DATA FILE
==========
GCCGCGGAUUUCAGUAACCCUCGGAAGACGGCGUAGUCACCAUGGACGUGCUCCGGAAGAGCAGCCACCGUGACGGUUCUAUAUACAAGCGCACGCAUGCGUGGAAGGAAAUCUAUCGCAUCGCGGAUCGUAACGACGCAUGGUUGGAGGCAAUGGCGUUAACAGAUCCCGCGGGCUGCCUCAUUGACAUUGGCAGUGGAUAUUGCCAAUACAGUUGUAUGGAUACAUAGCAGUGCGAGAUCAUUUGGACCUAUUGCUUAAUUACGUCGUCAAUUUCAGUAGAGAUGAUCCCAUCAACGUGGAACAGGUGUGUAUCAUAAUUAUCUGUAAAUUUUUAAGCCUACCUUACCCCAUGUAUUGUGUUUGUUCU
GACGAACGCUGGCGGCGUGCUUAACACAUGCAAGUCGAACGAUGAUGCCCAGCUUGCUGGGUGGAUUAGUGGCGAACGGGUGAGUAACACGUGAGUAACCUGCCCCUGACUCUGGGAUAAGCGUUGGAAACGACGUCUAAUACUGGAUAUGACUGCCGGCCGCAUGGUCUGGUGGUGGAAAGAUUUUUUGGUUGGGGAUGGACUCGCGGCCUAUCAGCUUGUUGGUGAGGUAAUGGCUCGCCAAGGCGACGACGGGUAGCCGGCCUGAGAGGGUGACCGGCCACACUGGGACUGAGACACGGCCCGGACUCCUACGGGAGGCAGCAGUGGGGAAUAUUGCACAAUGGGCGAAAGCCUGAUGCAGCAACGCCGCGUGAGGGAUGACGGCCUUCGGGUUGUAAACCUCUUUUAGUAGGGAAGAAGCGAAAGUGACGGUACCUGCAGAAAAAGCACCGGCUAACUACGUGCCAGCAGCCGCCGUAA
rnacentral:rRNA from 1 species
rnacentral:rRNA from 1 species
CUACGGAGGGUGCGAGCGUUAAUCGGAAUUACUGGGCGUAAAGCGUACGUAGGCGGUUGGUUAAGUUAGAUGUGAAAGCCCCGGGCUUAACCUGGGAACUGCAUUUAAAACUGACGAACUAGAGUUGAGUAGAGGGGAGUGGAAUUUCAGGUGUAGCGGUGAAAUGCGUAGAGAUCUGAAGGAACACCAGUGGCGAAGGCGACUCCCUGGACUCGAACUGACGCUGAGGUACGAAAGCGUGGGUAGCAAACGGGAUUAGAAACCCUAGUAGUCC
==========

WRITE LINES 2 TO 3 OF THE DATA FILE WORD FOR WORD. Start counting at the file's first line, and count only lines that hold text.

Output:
GACGAACGCUGGCGGCGUGCUUAACACAUGCAAGUCGAACGAUGAUGCCCAGCUUGCUGGGUGGAUUAGUGGCGAACGGGUGAGUAACACGUGAGUAACCUGCCCCUGACUCUGGGAUAAGCGUUGGAAACGACGUCUAAUACUGGAUAUGACUGCCGGCCGCAUGGUCUGGUGGUGGAAAGAUUUUUUGGUUGGGGAUGGACUCGCGGCCUAUCAGCUUGUUGGUGAGGUAAUGGCUCGCCAAGGCGACGACGGGUAGCCGGCCUGAGAGGGUGACCGGCCACACUGGGACUGAGACACGGCCCGGACUCCUACGGGAGGCAGCAGUGGGGAAUAUUGCACAAUGGGCGAAAGCCUGAUGCAGCAACGCCGCGUGAGGGAUGACGGCCUUCGGGUUGUAAACCUCUUUUAGUAGGGAAGAAGCGAAAGUGACGGUACCUGCAGAAAAAGCACCGGCUAACUACGUGCCAGCAGCCGCCGUAA
rnacentral:rRNA from 1 species